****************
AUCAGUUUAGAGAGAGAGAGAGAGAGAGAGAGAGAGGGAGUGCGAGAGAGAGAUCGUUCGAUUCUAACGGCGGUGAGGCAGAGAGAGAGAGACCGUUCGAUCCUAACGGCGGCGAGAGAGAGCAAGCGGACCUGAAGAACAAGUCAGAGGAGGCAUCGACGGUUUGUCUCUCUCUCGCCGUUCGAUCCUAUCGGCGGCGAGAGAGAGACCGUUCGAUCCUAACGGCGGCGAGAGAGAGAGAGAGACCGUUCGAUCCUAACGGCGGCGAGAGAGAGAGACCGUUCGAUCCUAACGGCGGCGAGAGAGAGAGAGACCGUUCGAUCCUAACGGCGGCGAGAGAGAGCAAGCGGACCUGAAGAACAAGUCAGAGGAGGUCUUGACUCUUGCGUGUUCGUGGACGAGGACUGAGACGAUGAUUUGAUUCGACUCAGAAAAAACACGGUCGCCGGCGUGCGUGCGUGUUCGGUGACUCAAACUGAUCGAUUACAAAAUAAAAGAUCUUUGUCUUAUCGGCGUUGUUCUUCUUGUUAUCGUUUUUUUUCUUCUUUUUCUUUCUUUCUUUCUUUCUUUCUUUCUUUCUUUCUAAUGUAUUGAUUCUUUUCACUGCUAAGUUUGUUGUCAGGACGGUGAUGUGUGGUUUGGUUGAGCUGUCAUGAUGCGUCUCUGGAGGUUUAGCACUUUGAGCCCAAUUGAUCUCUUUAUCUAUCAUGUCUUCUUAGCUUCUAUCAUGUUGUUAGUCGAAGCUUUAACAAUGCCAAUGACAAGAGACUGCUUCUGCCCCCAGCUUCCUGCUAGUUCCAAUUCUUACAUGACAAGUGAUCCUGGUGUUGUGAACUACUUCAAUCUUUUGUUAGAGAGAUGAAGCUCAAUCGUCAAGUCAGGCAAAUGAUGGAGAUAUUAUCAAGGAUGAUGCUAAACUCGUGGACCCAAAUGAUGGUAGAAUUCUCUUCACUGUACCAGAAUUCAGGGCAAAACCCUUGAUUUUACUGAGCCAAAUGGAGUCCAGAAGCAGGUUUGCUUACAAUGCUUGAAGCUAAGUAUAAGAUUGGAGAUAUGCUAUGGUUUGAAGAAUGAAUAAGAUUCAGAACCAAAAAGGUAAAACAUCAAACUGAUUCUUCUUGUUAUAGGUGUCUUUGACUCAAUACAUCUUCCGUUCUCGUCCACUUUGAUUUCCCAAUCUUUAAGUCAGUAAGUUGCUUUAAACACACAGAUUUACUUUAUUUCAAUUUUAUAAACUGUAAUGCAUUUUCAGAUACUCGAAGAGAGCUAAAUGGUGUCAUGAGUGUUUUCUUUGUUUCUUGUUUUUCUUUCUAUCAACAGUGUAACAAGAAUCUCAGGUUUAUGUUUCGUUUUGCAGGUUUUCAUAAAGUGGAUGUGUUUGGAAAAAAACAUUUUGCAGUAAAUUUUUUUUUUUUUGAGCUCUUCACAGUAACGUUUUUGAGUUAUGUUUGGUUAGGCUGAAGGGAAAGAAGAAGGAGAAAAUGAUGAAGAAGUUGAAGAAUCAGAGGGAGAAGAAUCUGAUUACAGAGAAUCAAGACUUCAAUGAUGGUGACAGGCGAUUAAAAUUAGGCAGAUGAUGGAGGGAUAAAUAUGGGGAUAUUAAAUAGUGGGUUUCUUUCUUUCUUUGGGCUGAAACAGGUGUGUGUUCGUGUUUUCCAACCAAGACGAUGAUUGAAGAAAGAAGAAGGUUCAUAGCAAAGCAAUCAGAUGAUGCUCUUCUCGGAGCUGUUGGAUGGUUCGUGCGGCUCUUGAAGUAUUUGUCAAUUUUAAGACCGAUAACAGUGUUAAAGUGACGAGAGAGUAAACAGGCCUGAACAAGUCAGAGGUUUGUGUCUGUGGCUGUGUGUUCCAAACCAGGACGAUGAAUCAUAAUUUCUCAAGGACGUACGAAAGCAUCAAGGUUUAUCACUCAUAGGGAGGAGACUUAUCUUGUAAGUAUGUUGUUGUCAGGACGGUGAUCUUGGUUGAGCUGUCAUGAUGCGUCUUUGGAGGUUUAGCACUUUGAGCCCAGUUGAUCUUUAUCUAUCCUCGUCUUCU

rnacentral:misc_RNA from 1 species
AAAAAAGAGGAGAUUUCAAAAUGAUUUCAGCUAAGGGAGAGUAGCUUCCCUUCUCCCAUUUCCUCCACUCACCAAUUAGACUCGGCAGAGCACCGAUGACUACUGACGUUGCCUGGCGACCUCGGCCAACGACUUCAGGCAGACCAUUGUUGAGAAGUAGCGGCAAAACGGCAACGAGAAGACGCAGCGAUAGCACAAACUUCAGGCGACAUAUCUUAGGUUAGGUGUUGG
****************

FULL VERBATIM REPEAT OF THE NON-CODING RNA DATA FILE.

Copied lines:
AUCAGUUUAGAGAGAGAGAGAGAGAGAGAGAGAGAGGGAGUGCGAGAGAGAGAUCGUUCGAUUCUAACGGCGGUGAGGCAGAGAGAGAGAGACCGUUCGAUCCUAACGGCGGCGAGAGAGAGCAAGCGGACCUGAAGAACAAGUCAGAGGAGGCAUCGACGGUUUGUCUCUCUCUCGCCGUUCGAUCCUAUCGGCGGCGAGAGAGAGACCGUUCGAUCCUAACGGCGGCGAGAGAGAGAGAGAGACCGUUCGAUCCUAACGGCGGCGAGAGAGAGAGACCGUUCGAUCCUAACGGCGGCGAGAGAGAGAGAGACCGUUCGAUCCUAACGGCGGCGAGAGAGAGCAAGCGGACCUGAAGAACAAGUCAGAGGAGGUCUUGACUCUUGCGUGUUCGUGGACGAGGACUGAGACGAUGAUUUGAUUCGACUCAGAAAAAACACGGUCGCCGGCGUGCGUGCGUGUUCGGUGACUCAAACUGAUCGAUUACAAAAUAAAAGAUCUUUGUCUUAUCGGCGUUGUUCUUCUUGUUAUCGUUUUUUUUCUUCUUUUUCUUUCUUUCUUUCUUUCUUUCUUUCUUUCUUUCUAAUGUAUUGAUUCUUUUCACUGCUAAGUUUGUUGUCAGGACGGUGAUGUGUGGUUUGGUUGAGCUGUCAUGAUGCGUCUCUGGAGGUUUAGCACUUUGAGCCCAAUUGAUCUCUUUAUCUAUCAUGUCUUCUUAGCUUCUAUCAUGUUGUUAGUCGAAGCUUUAACAAUGCCAAUGACAAGAGACUGCUUCUGCCCCCAGCUUCCUGCUAGUUCCAAUUCUUACAUGACAAGUGAUCCUGGUGUUGUGAACUACUUCAAUCUUUUGUUAGAGAGAUGAAGCUCAAUCGUCAAGUCAGGCAAAUGAUGGAGAUAUUAUCAAGGAUGAUGCUAAACUCGUGGACCCAAAUGAUGGUAGAAUUCUCUUCACUGUACCAGAAUUCAGGGCAAAACCCUUGAUUUUACUGAGCCAAAUGGAGUCCAGAAGCAGGUUUGCUUACAAUGCUUGAAGCUAAGUAUAAGAUUGGAGAUAUGCUAUGGUUUGAAGAAUGAAUAAGAUUCAGAACCAAAAAGGUAAAACAUCAAACUGAUUCUUCUUGUUAUAGGUGUCUUUGACUCAAUACAUCUUCCGUUCUCGUCCACUUUGAUUUCCCAAUCUUUAAGUCAGUAAGUUGCUUUAAACACACAGAUUUACUUUAUUUCAAUUUUAUAAACUGUAAUGCAUUUUCAGAUACUCGAAGAGAGCUAAAUGGUGUCAUGAGUGUUUUCUUUGUUUCUUGUUUUUCUUUCUAUCAACAGUGUAACAAGAAUCUCAGGUUUAUGUUUCGUUUUGCAGGUUUUCAUAAAGUGGAUGUGUUUGGAAAAAAACAUUUUGCAGUAAAUUUUUUUUUUUUUGAGCUCUUCACAGUAACGUUUUUGAGUUAUGUUUGGUUAGGCUGAAGGGAAAGAAGAAGGAGAAAAUGAUGAAGAAGUUGAAGAAUCAGAGGGAGAAGAAUCUGAUUACAGAGAAUCAAGACUUCAAUGAUGGUGACAGGCGAUUAAAAUUAGGCAGAUGAUGGAGGGAUAAAUAUGGGGAUAUUAAAUAGUGGGUUUCUUUCUUUCUUUGGGCUGAAACAGGUGUGUGUUCGUGUUUUCCAACCAAGACGAUGAUUGAAGAAAGAAGAAGGUUCAUAGCAAAGCAAUCAGAUGAUGCUCUUCUCGGAGCUGUUGGAUGGUUCGUGCGGCUCUUGAAGUAUUUGUCAAUUUUAAGACCGAUAACAGUGUUAAAGUGACGAGAGAGUAAACAGGCCUGAACAAGUCAGAGGUUUGUGUCUGUGGCUGUGUGUUCCAAACCAGGACGAUGAAUCAUAAUUUCUCAAGGACGUACGAAAGCAUCAAGGUUUAUCACUCAUAGGGAGGAGACUUAUCUUGUAAGUAUGUUGUUGUCAGGACGGUGAUCUUGGUUGAGCUGUCAUGAUGCGUCUUUGGAGGUUUAGCACUUUGAGCCCAGUUGAUCUUUAUCUAUCCUCGUCUUCU

rnacentral:misc_RNA from 1 species
AAAAAAGAGGAGAUUUCAAAAUGAUUUCAGCUAAGGGAGAGUAGCUUCCCUUCUCCCAUUUCCUCCACUCACCAAUUAGACUCGGCAGAGCACCGAUGACUACUGACGUUGCCUGGCGACCUCGGCCAACGACUUCAGGCAGACCAUUGUUGAGAAGUAGCGGCAAAACGGCAACGAGAAGACGCAGCGAUAGCACAAACUUCAGGCGACAUAUCUUAGGUUAGGUGUUGG